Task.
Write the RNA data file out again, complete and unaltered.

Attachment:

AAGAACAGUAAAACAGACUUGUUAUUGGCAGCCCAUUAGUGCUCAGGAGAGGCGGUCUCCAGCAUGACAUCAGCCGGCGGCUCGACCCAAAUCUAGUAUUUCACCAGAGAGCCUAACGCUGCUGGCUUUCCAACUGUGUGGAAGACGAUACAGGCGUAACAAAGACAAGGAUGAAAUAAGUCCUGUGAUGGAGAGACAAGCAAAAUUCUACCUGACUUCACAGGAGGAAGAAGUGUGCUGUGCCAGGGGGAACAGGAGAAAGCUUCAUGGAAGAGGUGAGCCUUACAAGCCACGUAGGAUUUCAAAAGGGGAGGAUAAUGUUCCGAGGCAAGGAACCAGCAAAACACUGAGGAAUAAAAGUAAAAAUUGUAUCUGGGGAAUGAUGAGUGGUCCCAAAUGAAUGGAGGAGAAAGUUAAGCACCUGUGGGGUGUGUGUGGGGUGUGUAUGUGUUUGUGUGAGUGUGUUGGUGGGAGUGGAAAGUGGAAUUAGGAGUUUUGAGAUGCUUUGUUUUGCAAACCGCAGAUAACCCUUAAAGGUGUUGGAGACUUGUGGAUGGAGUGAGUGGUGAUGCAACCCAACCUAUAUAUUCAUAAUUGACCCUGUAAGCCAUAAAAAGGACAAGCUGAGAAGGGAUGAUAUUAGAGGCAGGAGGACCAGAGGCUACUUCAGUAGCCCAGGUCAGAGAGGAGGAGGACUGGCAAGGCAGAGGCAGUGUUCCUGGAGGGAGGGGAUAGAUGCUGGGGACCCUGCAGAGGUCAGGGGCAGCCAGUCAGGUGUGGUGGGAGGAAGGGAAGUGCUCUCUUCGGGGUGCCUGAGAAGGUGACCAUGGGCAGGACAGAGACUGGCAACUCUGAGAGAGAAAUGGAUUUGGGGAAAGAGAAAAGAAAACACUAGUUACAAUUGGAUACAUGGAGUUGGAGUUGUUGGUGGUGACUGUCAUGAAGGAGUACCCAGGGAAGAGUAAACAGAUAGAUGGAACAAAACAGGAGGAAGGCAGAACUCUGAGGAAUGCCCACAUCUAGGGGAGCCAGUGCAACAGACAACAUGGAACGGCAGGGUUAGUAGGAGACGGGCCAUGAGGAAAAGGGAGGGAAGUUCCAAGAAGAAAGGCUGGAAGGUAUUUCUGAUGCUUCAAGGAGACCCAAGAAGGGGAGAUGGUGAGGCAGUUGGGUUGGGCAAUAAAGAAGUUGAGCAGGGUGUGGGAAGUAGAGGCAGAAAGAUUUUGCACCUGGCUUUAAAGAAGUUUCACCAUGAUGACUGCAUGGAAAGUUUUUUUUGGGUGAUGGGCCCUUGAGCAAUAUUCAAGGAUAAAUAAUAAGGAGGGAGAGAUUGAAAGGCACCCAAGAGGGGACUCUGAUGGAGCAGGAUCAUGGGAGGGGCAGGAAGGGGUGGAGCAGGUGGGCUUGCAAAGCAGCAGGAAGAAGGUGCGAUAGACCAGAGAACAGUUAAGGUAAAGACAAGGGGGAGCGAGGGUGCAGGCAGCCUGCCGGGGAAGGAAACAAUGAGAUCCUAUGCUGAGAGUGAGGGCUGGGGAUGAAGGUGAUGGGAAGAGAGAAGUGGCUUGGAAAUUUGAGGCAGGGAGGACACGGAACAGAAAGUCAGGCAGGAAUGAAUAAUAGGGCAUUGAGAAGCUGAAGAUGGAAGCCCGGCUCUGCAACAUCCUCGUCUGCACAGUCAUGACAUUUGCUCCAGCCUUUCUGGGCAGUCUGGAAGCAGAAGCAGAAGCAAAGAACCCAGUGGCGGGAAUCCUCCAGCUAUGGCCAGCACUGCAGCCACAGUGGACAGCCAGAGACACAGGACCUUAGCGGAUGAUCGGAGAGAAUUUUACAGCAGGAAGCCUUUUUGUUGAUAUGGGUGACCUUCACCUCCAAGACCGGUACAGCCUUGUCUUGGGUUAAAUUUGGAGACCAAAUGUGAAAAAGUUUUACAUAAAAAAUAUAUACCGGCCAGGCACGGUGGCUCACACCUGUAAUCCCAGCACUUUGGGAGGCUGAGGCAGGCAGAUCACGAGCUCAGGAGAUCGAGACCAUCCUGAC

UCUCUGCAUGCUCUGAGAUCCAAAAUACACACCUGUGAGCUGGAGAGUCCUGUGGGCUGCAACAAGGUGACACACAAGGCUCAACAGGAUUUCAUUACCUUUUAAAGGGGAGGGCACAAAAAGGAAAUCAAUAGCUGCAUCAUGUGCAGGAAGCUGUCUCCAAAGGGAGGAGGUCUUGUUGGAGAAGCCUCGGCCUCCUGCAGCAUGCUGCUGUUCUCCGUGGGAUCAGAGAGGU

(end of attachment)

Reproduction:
AAGAACAGUAAAACAGACUUGUUAUUGGCAGCCCAUUAGUGCUCAGGAGAGGCGGUCUCCAGCAUGACAUCAGCCGGCGGCUCGACCCAAAUCUAGUAUUUCACCAGAGAGCCUAACGCUGCUGGCUUUCCAACUGUGUGGAAGACGAUACAGGCGUAACAAAGACAAGGAUGAAAUAAGUCCUGUGAUGGAGAGACAAGCAAAAUUCUACCUGACUUCACAGGAGGAAGAAGUGUGCUGUGCCAGGGGGAACAGGAGAAAGCUUCAUGGAAGAGGUGAGCCUUACAAGCCACGUAGGAUUUCAAAAGGGGAGGAUAAUGUUCCGAGGCAAGGAACCAGCAAAACACUGAGGAAUAAAAGUAAAAAUUGUAUCUGGGGAAUGAUGAGUGGUCCCAAAUGAAUGGAGGAGAAAGUUAAGCACCUGUGGGGUGUGUGUGGGGUGUGUAUGUGUUUGUGUGAGUGUGUUGGUGGGAGUGGAAAGUGGAAUUAGGAGUUUUGAGAUGCUUUGUUUUGCAAACCGCAGAUAACCCUUAAAGGUGUUGGAGACUUGUGGAUGGAGUGAGUGGUGAUGCAACCCAACCUAUAUAUUCAUAAUUGACCCUGUAAGCCAUAAAAAGGACAAGCUGAGAAGGGAUGAUAUUAGAGGCAGGAGGACCAGAGGCUACUUCAGUAGCCCAGGUCAGAGAGGAGGAGGACUGGCAAGGCAGAGGCAGUGUUCCUGGAGGGAGGGGAUAGAUGCUGGGGACCCUGCAGAGGUCAGGGGCAGCCAGUCAGGUGUGGUGGGAGGAAGGGAAGUGCUCUCUUCGGGGUGCCUGAGAAGGUGACCAUGGGCAGGACAGAGACUGGCAACUCUGAGAGAGAAAUGGAUUUGGGGAAAGAGAAAAGAAAACACUAGUUACAAUUGGAUACAUGGAGUUGGAGUUGUUGGUGGUGACUGUCAUGAAGGAGUACCCAGGGAAGAGUAAACAGAUAGAUGGAACAAAACAGGAGGAAGGCAGAACUCUGAGGAAUGCCCACAUCUAGGGGAGCCAGUGCAACAGACAACAUGGAACGGCAGGGUUAGUAGGAGACGGGCCAUGAGGAAAAGGGAGGGAAGUUCCAAGAAGAAAGGCUGGAAGGUAUUUCUGAUGCUUCAAGGAGACCCAAGAAGGGGAGAUGGUGAGGCAGUUGGGUUGGGCAAUAAAGAAGUUGAGCAGGGUGUGGGAAGUAGAGGCAGAAAGAUUUUGCACCUGGCUUUAAAGAAGUUUCACCAUGAUGACUGCAUGGAAAGUUUUUUUUGGGUGAUGGGCCCUUGAGCAAUAUUCAAGGAUAAAUAAUAAGGAGGGAGAGAUUGAAAGGCACCCAAGAGGGGACUCUGAUGGAGCAGGAUCAUGGGAGGGGCAGGAAGGGGUGGAGCAGGUGGGCUUGCAAAGCAGCAGGAAGAAGGUGCGAUAGACCAGAGAACAGUUAAGGUAAAGACAAGGGGGAGCGAGGGUGCAGGCAGCCUGCCGGGGAAGGAAACAAUGAGAUCCUAUGCUGAGAGUGAGGGCUGGGGAUGAAGGUGAUGGGAAGAGAGAAGUGGCUUGGAAAUUUGAGGCAGGGAGGACACGGAACAGAAAGUCAGGCAGGAAUGAAUAAUAGGGCAUUGAGAAGCUGAAGAUGGAAGCCCGGCUCUGCAACAUCCUCGUCUGCACAGUCAUGACAUUUGCUCCAGCCUUUCUGGGCAGUCUGGAAGCAGAAGCAGAAGCAAAGAACCCAGUGGCGGGAAUCCUCCAGCUAUGGCCAGCACUGCAGCCACAGUGGACAGCCAGAGACACAGGACCUUAGCGGAUGAUCGGAGAGAAUUUUACAGCAGGAAGCCUUUUUGUUGAUAUGGGUGACCUUCACCUCCAAGACCGGUACAGCCUUGUCUUGGGUUAAAUUUGGAGACCAAAUGUGAAAAAGUUUUACAUAAAAAAUAUAUACCGGCCAGGCACGGUGGCUCACACCUGUAAUCCCAGCACUUUGGGAGGCUGAGGCAGGCAGAUCACGAGCUCAGGAGAUCGAGACCAUCCUGAC

UCUCUGCAUGCUCUGAGAUCCAAAAUACACACCUGUGAGCUGGAGAGUCCUGUGGGCUGCAACAAGGUGACACACAAGGCUCAACAGGAUUUCAUUACCUUUUAAAGGGGAGGGCACAAAAAGGAAAUCAAUAGCUGCAUCAUGUGCAGGAAGCUGUCUCCAAAGGGAGGAGGUCUUGUUGGAGAAGCCUCGGCCUCCUGCAGCAUGCUGCUGUUCUCCGUGGGAUCAGAGAGGU